Unconscious learning uses old parts of the brain

Apr 06, 2010

( -- A new study from the Swedish medical university Karolinska Institutet provides evidence that basic human learning systems use areas of the brain that also exist in the most primitive vertebrates, such as ...

Recommended for you

Know the brain, and its axons, by the clothes they wear

12 hours ago

(Medical Xpress)—It is widely know that the grey matter of the brain is grey because it is dense with cell bodies and capillaries. The white matter is almost entirely composed of lipid-based myelin, but ...

Turning off depression in the brain

Apr 17, 2014

Scientists have traced vulnerability to depression-like behaviors in mice to out-of-balance electrical activity inside neurons of the brain's reward circuit and experimentally reversed it – but there's ...

Rapid whole-brain imaging with single cell resolution

Apr 17, 2014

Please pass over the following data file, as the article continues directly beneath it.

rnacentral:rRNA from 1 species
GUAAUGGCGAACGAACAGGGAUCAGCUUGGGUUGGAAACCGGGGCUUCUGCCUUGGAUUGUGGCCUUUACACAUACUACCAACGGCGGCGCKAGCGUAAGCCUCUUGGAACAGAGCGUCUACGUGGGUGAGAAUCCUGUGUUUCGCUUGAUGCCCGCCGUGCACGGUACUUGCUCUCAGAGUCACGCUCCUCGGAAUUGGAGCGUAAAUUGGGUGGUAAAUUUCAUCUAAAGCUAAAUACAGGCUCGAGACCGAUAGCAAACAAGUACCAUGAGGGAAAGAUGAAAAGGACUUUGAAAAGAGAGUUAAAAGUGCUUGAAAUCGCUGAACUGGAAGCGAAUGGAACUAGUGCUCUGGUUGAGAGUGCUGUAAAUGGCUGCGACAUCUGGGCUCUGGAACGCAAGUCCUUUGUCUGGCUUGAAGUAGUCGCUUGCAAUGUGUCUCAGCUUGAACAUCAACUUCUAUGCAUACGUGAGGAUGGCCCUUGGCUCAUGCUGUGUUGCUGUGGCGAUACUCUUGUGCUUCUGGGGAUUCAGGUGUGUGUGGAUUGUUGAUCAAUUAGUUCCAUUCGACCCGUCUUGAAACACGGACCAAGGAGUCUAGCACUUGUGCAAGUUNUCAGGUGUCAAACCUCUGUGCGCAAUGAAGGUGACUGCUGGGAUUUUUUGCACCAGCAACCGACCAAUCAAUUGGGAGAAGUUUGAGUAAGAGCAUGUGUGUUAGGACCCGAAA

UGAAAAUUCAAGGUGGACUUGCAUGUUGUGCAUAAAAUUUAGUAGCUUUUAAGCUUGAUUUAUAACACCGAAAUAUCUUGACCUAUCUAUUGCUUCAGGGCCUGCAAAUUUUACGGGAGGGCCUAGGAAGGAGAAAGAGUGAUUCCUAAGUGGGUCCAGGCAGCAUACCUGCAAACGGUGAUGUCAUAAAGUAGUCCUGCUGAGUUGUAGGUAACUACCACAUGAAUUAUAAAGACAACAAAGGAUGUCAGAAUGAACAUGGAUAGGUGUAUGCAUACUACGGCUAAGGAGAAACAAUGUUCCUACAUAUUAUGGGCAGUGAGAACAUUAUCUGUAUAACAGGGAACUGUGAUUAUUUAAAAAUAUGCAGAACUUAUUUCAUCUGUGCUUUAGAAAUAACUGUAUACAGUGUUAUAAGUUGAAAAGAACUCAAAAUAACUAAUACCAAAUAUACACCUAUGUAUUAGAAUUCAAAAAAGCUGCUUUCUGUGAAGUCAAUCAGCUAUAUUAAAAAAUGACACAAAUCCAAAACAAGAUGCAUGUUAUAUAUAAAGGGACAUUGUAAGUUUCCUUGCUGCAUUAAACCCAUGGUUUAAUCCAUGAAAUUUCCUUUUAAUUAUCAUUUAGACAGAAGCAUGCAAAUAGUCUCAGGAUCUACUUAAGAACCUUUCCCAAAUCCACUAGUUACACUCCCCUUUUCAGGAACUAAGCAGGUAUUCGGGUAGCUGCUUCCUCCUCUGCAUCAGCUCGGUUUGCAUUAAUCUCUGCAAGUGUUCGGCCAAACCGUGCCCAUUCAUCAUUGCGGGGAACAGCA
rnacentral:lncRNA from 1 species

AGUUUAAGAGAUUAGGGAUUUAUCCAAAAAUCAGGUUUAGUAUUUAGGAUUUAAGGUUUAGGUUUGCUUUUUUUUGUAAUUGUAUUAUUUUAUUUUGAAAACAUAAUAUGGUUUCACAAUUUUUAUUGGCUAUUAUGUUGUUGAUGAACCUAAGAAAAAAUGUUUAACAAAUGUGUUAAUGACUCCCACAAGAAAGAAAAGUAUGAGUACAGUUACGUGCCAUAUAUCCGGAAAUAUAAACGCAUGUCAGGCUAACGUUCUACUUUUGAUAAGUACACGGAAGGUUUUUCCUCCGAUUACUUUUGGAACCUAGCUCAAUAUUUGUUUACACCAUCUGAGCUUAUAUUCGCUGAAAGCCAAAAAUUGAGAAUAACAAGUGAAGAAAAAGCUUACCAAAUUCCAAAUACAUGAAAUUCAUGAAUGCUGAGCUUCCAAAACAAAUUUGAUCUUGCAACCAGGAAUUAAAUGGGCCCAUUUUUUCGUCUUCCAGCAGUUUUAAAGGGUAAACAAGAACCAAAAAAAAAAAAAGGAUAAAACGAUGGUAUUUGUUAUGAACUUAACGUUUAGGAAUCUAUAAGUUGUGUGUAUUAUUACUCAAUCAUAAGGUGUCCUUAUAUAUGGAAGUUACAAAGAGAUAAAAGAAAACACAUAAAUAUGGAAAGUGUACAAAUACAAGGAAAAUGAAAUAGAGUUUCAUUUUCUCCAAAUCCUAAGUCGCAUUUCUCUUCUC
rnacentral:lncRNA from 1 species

A major challenge of systems biology is understanding how phenomena at the cellular scale correlate with activity at the organism level. A concerted effort has been made especially in the brain, as scientists are aiming to ...

User comments

Adjust slider to filter visible comments by rank

Display comments: newest first

5 / 5 (2) Jul 28, 2011
This is phenomenal. It takes us just a little bit closer to understanding what is cognitively exceptional in our fellow primates, and ourselves. It seems evolution has vindicated the utility of ontological distinctions.
not rated yet Jul 28, 2011
"It seems evolution has vindicated the utility of ontological distinctions." - Gp

O.k. I am going to put everything into one category.
You know, a simple thought for a simple mind:

Nature is exceptional.

Phenomenon, understanding, cognition, primates, ourselves, evolution, vindication, utilities, ontology, and distinctions I will leave to you.

Why five stars? (Your statements sound music.)

Fourteen times. The colleagues used the various tenses of the word "learn" fourteen times!